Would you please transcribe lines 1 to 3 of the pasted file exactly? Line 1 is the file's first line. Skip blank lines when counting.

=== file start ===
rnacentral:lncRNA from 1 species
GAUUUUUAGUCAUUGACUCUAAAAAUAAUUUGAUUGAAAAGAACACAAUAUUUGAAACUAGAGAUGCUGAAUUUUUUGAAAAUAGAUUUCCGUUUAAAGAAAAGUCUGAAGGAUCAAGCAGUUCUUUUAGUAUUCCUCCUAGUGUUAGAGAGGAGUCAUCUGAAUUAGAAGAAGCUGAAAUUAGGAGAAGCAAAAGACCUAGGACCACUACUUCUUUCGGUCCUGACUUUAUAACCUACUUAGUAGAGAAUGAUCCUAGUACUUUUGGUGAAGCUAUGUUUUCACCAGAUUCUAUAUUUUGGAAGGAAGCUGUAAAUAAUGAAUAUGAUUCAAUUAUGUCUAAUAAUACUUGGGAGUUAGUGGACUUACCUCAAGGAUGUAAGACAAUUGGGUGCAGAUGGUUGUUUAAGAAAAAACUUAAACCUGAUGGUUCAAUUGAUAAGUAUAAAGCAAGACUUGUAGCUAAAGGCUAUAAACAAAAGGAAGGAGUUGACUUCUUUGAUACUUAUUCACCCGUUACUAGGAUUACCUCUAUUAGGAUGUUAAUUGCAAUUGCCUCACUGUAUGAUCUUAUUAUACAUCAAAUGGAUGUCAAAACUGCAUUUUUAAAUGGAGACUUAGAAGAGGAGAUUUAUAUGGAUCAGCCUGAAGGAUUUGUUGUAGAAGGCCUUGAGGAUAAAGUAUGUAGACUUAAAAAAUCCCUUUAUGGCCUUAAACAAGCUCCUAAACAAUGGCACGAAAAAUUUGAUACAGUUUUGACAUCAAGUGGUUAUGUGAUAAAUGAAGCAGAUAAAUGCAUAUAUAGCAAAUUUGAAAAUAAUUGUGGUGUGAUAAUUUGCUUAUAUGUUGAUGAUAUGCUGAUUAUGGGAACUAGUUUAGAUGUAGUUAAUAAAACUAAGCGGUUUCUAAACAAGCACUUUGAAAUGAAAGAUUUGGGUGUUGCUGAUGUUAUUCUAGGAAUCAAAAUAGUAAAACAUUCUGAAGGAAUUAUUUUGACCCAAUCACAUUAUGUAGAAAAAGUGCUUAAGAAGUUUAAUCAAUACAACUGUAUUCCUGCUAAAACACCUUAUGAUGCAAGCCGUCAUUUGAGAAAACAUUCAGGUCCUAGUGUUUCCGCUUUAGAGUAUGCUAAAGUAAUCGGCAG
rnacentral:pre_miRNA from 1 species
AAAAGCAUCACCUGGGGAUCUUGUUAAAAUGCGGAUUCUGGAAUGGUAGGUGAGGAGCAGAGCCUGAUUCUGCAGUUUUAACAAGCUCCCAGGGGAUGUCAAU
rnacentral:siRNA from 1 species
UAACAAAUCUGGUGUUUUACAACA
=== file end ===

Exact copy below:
rnacentral:lncRNA from 1 species
GAUUUUUAGUCAUUGACUCUAAAAAUAAUUUGAUUGAAAAGAACACAAUAUUUGAAACUAGAGAUGCUGAAUUUUUUGAAAAUAGAUUUCCGUUUAAAGAAAAGUCUGAAGGAUCAAGCAGUUCUUUUAGUAUUCCUCCUAGUGUUAGAGAGGAGUCAUCUGAAUUAGAAGAAGCUGAAAUUAGGAGAAGCAAAAGACCUAGGACCACUACUUCUUUCGGUCCUGACUUUAUAACCUACUUAGUAGAGAAUGAUCCUAGUACUUUUGGUGAAGCUAUGUUUUCACCAGAUUCUAUAUUUUGGAAGGAAGCUGUAAAUAAUGAAUAUGAUUCAAUUAUGUCUAAUAAUACUUGGGAGUUAGUGGACUUACCUCAAGGAUGUAAGACAAUUGGGUGCAGAUGGUUGUUUAAGAAAAAACUUAAACCUGAUGGUUCAAUUGAUAAGUAUAAAGCAAGACUUGUAGCUAAAGGCUAUAAACAAAAGGAAGGAGUUGACUUCUUUGAUACUUAUUCACCCGUUACUAGGAUUACCUCUAUUAGGAUGUUAAUUGCAAUUGCCUCACUGUAUGAUCUUAUUAUACAUCAAAUGGAUGUCAAAACUGCAUUUUUAAAUGGAGACUUAGAAGAGGAGAUUUAUAUGGAUCAGCCUGAAGGAUUUGUUGUAGAAGGCCUUGAGGAUAAAGUAUGUAGACUUAAAAAAUCCCUUUAUGGCCUUAAACAAGCUCCUAAACAAUGGCACGAAAAAUUUGAUACAGUUUUGACAUCAAGUGGUUAUGUGAUAAAUGAAGCAGAUAAAUGCAUAUAUAGCAAAUUUGAAAAUAAUUGUGGUGUGAUAAUUUGCUUAUAUGUUGAUGAUAUGCUGAUUAUGGGAACUAGUUUAGAUGUAGUUAAUAAAACUAAGCGGUUUCUAAACAAGCACUUUGAAAUGAAAGAUUUGGGUGUUGCUGAUGUUAUUCUAGGAAUCAAAAUAGUAAAACAUUCUGAAGGAAUUAUUUUGACCCAAUCACAUUAUGUAGAAAAAGUGCUUAAGAAGUUUAAUCAAUACAACUGUAUUCCUGCUAAAACACCUUAUGAUGCAAGCCGUCAUUUGAGAAAACAUUCAGGUCCUAGUGUUUCCGCUUUAGAGUAUGCUAAAGUAAUCGGCAG
rnacentral:pre_miRNA from 1 species